Integrative physiology and homeostasis are by definition best studied in the intact animal. The transparency of the zebrafish embryo permits direct assessment of cardiovascular pacemaking, rhythm, and contractility, which are proving tractable to single-gene analysis. Physiological imaging can highlight functional targets. For example, enzymatic cleavage of phospholipase A2 in the gut can be tracked in vivo by fluorescence resonance energy transfer (FRET) between two fluorescent moieties within the substrate. In this way, mutations that result in physiological defects in lipid metabolism have been defined (7).

The zebrafish adds to its genetic tractability by being remarkably permeable to small molecules added to the water, an asset for those studying the interactions of genes and environment. When the effects of a small molecule are similar to those of a particular mutation, the component targeted by the small molecule can be identified. Such chemical screening holds promise for preclinical drug discovery and testing as well as for toxicological evaluation in the normal animal and in specific mutants. Stereotypical behaviors of zebrafish embryos can be modified by alcohol and cocaine, suggesting that the developing embryo may enable molecular pathways of drug abuse and addiction to be unraveled.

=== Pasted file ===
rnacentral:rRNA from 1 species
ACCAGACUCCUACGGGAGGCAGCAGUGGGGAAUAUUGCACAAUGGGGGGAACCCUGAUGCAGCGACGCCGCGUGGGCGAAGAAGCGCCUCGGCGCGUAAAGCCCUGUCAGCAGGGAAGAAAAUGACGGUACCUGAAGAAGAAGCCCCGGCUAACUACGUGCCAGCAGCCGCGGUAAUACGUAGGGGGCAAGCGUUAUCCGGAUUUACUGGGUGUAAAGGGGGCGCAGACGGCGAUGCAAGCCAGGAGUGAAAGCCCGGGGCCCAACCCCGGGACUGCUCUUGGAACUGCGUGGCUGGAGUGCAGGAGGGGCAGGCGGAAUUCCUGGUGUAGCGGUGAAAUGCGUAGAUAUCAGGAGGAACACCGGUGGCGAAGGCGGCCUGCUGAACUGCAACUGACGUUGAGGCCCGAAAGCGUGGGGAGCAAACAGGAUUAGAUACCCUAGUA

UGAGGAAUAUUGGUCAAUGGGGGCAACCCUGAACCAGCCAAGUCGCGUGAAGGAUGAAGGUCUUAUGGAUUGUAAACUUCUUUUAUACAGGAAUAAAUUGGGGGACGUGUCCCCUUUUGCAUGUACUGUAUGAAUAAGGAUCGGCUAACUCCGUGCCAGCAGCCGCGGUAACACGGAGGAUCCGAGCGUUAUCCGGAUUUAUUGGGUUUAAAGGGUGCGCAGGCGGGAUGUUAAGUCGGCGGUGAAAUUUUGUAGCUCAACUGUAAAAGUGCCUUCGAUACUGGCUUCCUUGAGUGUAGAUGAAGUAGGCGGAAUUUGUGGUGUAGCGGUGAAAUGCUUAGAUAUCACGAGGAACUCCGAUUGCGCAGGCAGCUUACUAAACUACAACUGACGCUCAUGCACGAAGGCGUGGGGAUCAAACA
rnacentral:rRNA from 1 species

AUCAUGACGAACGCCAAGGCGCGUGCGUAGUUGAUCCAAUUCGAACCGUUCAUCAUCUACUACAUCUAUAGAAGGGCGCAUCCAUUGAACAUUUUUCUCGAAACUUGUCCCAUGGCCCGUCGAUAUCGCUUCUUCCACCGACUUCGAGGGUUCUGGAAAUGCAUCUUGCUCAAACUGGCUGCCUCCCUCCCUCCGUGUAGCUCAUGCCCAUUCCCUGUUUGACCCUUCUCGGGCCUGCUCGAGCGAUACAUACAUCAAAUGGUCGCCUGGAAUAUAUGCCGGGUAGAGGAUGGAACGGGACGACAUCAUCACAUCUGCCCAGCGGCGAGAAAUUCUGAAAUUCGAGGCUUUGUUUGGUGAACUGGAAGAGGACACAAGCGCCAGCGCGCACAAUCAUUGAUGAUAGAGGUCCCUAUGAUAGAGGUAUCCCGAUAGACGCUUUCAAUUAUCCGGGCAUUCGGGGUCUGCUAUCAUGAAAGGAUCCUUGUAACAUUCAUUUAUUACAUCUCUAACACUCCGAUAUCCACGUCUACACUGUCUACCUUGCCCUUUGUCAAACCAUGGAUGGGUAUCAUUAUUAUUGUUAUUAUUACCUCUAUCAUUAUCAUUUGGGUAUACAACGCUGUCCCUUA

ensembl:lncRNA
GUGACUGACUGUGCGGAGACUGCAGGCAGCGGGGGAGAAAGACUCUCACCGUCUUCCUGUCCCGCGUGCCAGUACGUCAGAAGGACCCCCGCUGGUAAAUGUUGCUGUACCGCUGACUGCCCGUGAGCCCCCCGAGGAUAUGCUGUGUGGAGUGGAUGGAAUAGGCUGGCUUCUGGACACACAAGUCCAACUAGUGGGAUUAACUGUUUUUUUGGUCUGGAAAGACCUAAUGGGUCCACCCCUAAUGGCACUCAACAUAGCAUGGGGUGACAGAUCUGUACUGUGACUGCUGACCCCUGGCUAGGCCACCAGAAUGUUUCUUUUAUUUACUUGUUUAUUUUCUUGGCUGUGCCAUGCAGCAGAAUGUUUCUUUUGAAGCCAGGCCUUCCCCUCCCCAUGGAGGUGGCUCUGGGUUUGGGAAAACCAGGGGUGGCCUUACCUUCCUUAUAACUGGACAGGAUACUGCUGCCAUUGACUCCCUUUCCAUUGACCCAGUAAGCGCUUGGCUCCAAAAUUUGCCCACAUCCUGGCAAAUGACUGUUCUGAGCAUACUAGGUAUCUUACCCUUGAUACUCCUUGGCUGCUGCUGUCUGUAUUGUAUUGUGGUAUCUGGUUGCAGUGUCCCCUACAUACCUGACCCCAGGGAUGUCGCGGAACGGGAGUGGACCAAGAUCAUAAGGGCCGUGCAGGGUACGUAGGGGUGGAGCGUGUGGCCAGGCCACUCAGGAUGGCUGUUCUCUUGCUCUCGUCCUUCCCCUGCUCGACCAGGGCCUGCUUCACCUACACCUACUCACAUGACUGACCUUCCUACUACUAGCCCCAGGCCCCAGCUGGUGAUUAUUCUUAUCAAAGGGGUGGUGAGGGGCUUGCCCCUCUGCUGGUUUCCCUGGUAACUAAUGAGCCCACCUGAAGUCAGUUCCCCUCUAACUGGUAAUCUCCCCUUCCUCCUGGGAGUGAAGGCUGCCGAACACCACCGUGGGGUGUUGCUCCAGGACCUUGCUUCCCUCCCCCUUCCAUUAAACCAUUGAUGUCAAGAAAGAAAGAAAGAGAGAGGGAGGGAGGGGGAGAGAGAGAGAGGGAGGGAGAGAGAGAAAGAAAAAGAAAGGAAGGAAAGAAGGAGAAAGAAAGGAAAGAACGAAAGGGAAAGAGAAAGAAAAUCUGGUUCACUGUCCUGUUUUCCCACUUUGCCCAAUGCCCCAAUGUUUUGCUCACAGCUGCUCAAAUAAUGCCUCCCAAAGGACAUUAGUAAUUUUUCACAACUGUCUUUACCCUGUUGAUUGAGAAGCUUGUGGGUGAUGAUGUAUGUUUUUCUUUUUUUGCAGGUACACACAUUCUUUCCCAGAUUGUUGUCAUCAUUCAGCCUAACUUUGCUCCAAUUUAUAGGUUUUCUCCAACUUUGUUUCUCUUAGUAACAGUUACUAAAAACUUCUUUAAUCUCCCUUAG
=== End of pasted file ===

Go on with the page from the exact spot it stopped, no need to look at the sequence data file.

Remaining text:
Patterning, pathfinding, and connectivity in the central nervous system can all be dissected through mutations in zebrafish genes. Zebrafish transparency facilitates analysis of single neuron activity during the execution of normal behaviors. Zebrafish embryos manifest stereotypical behaviors. For example, they are able to visually track the movement of vertical bars or of elements in a computer-animated visual environment (which presumably enables them to remain fixed while the river flows around them), and they exhibit flight from an apparent threat (8). To date, most mutations affecting these behaviors are in genes that control neuronal connections in the eye or brain. Zebrafish embryos also exhibit even more complex behaviors, including choice of fish with which to shoal, circadian rhythmicity of locomotion, and right-eye dominance in the decision to bite.